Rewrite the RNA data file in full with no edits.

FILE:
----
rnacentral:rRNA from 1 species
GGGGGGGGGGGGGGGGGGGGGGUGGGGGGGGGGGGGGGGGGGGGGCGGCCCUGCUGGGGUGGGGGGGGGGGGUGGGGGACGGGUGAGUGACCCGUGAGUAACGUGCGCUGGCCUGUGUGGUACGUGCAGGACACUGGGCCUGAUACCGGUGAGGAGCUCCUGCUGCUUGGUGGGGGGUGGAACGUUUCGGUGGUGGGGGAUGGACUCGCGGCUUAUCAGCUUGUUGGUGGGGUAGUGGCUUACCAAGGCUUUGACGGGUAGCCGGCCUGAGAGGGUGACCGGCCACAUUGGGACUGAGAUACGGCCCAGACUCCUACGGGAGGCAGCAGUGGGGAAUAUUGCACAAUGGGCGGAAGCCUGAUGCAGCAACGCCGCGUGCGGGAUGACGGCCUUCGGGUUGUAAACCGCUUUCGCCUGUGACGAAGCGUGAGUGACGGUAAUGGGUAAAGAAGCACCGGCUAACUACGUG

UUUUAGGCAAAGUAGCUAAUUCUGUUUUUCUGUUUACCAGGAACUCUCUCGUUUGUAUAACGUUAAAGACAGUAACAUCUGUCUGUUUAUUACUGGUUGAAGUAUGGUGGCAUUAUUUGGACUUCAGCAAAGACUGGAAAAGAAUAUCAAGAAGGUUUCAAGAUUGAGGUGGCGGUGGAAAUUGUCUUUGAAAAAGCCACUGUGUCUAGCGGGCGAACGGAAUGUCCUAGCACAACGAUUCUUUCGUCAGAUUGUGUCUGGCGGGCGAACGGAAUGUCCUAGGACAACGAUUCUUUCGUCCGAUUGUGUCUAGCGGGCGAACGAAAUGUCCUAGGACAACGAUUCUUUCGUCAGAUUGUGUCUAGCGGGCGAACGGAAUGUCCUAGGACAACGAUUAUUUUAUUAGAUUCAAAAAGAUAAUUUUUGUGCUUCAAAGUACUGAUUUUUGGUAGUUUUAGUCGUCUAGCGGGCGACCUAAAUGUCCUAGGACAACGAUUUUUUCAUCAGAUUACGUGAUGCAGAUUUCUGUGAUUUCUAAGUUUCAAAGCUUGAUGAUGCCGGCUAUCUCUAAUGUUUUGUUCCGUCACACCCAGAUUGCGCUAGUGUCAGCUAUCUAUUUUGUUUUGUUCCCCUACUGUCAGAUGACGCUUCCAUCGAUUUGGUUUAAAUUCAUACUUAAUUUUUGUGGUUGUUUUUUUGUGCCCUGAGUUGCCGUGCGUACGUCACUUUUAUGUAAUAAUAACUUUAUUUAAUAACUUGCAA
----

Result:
rnacentral:rRNA from 1 species
GGGGGGGGGGGGGGGGGGGGGGUGGGGGGGGGGGGGGGGGGGGGGCGGCCCUGCUGGGGUGGGGGGGGGGGGUGGGGGACGGGUGAGUGACCCGUGAGUAACGUGCGCUGGCCUGUGUGGUACGUGCAGGACACUGGGCCUGAUACCGGUGAGGAGCUCCUGCUGCUUGGUGGGGGGUGGAACGUUUCGGUGGUGGGGGAUGGACUCGCGGCUUAUCAGCUUGUUGGUGGGGUAGUGGCUUACCAAGGCUUUGACGGGUAGCCGGCCUGAGAGGGUGACCGGCCACAUUGGGACUGAGAUACGGCCCAGACUCCUACGGGAGGCAGCAGUGGGGAAUAUUGCACAAUGGGCGGAAGCCUGAUGCAGCAACGCCGCGUGCGGGAUGACGGCCUUCGGGUUGUAAACCGCUUUCGCCUGUGACGAAGCGUGAGUGACGGUAAUGGGUAAAGAAGCACCGGCUAACUACGUG

UUUUAGGCAAAGUAGCUAAUUCUGUUUUUCUGUUUACCAGGAACUCUCUCGUUUGUAUAACGUUAAAGACAGUAACAUCUGUCUGUUUAUUACUGGUUGAAGUAUGGUGGCAUUAUUUGGACUUCAGCAAAGACUGGAAAAGAAUAUCAAGAAGGUUUCAAGAUUGAGGUGGCGGUGGAAAUUGUCUUUGAAAAAGCCACUGUGUCUAGCGGGCGAACGGAAUGUCCUAGCACAACGAUUCUUUCGUCAGAUUGUGUCUGGCGGGCGAACGGAAUGUCCUAGGACAACGAUUCUUUCGUCCGAUUGUGUCUAGCGGGCGAACGAAAUGUCCUAGGACAACGAUUCUUUCGUCAGAUUGUGUCUAGCGGGCGAACGGAAUGUCCUAGGACAACGAUUAUUUUAUUAGAUUCAAAAAGAUAAUUUUUGUGCUUCAAAGUACUGAUUUUUGGUAGUUUUAGUCGUCUAGCGGGCGACCUAAAUGUCCUAGGACAACGAUUUUUUCAUCAGAUUACGUGAUGCAGAUUUCUGUGAUUUCUAAGUUUCAAAGCUUGAUGAUGCCGGCUAUCUCUAAUGUUUUGUUCCGUCACACCCAGAUUGCGCUAGUGUCAGCUAUCUAUUUUGUUUUGUUCCCCUACUGUCAGAUGACGCUUCCAUCGAUUUGGUUUAAAUUCAUACUUAAUUUUUGUGGUUGUUUUUUUGUGCCCUGAGUUGCCGUGCGUACGUCACUUUUAUGUAAUAAUAACUUUAUUUAAUAACUUGCAA